If you’re asking this question, you face one of three things:
- a crisis, that you need managed carefully and quickly
- a product launch or business development that you want to tell the world about
- you’re new and excited and you want to get exposure quickly.
The fact that you found this page means you’re not used to appointing PR agencies, and don’t have tens of thousands of pounds a month to spend on PR. Yup, that’s what the big boys cost.
What you have is a decent budget for marketing but it has to be spread quite broadly and get results. Am I correct? Then read on.
How much does a PR agency cost?
If you approach a few smaller PR agencies, you should find that they offer a service between £2,000 and £5,000 a month. For this, they should offer:
- at least one press release a month
- viewpoints or comment pieces for trade media or relevant blogs, and
- a press office which will cover off:
- monitoring of the news agenda to spot opportunities to hijack a story with your angle in a beautifully crafted comment piece
- monitoring your target media’s editorial calendars for relevant opportunities to contribute
- media briefings for your spokespeople
- dealing with incoming media enquiries
What will this achieve
The reality is that while every agency tries to find that killer angle for every client – that angle that will secure you a full sweep of national coverage even though you have no brand awareness – it’s rare. It takes a stroke of a genius, a good team and a lot of luck.
What this means is that you won’t get great press coverage immediately. It’ll take time. Time to get to know your business. Time to find that angle. And time to warm the media to you. So allow for a minimum of three months with your PR agency to give them time to get results.
As a rule of thumb though, you should be looking at at least one piece of top tier coverage for every £500 you spend, every month.
What else do you need to know
Typically, your PR agency will assign a team to you consisting of:
- an Account Director (responsible for strategy, senior consultancy and….schmoozing you)
- an Account Manager (responsible for managing day-to-day activities, quality control, and ensuring you get the results you need) and
- 1 or 2 Account Executives (who write content, speak to the media and manage coverage collation and admin).
You may get a call weekly or fortnightly to update you on activities, a weekly report to provide status updates, and coverage emails as and when new press coverage is achieved.
Warning signs to look out for
If the budget you’re paying your agency is less than £4,000 a month, it’s likely you’ll be one of their smaller clients. Of course, that doesn’t mean you’re not important to them. You should still get a quality service. But if you have a niggling feeling that things could be better, check for the following issues:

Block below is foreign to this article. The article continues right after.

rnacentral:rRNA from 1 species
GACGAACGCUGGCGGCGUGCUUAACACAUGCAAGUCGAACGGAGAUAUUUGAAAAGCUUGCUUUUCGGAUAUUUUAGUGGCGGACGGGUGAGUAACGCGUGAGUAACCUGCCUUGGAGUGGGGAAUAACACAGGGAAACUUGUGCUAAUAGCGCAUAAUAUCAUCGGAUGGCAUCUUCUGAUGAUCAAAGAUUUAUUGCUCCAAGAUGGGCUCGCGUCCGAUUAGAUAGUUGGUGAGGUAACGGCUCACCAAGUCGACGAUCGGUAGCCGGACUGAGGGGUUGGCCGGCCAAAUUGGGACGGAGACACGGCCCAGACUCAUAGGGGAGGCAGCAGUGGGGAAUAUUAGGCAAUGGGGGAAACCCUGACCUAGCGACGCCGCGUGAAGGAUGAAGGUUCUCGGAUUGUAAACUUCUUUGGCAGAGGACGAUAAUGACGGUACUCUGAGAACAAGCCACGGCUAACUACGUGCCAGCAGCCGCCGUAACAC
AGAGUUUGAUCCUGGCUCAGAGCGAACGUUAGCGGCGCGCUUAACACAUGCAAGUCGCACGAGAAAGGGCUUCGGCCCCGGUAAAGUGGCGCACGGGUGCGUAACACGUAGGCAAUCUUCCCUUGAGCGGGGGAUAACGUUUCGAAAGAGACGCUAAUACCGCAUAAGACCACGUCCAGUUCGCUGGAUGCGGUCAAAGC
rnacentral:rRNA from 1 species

- The account executives in your team are brand new so any content they write will take time and they won’t have any media contacts.
- Your Account Director is very hard to get hold of. This could mean they’re busy with other things and not very involved in your account which could mean that the Account Manager is in fact in charge.
- You’re getting lots of reporting that doesn’t actually mean anything or show real progress.
- The activities they’re undertaking feel like box-ticking exercises rather than part of an overall strategy to grow your business.
A smart and cost effective alternative is to work with a smaller PR outfit or a freelancer. This will mean you have senior people fulfilling all of the above roles, there’s low staff turnover and you’ll get a lot more for your money as they don’t have to cover the overheads of bigger agencies.
How do you find a good PR agency?
A good place to start is to google ‘PR agency’ or ‘PR consultant’ and the location in which you are based. Your agency doesn’t need to be located near you, but you certainly want them to be within 2 hours travel of you.
Pull together a shortlist and arrange calls with them. On the call, brief them on what you need and get them to talk you through their approach and experience. You’ll be able to tell very quickly who it’s worth continuing with.
The next step will be for them to write you a proposal outlining how they’d help you and then a meeting or Skype call to discuss. You may wish to run a pitch process but this will take time and won’t necessarily make your decision any easier to make!
Start by calling us
If you’d like an honest view of whether or not PR is indeed the right approach for your business, or you’d like a more detailed answer to your question ‘how much does a PR agency cost’, then please do fill in your details below, and we’ll be in touch as soon as possible.
It might also help to read our blog post ‘What type of marketing is best for my business‘ if you’re considering other options.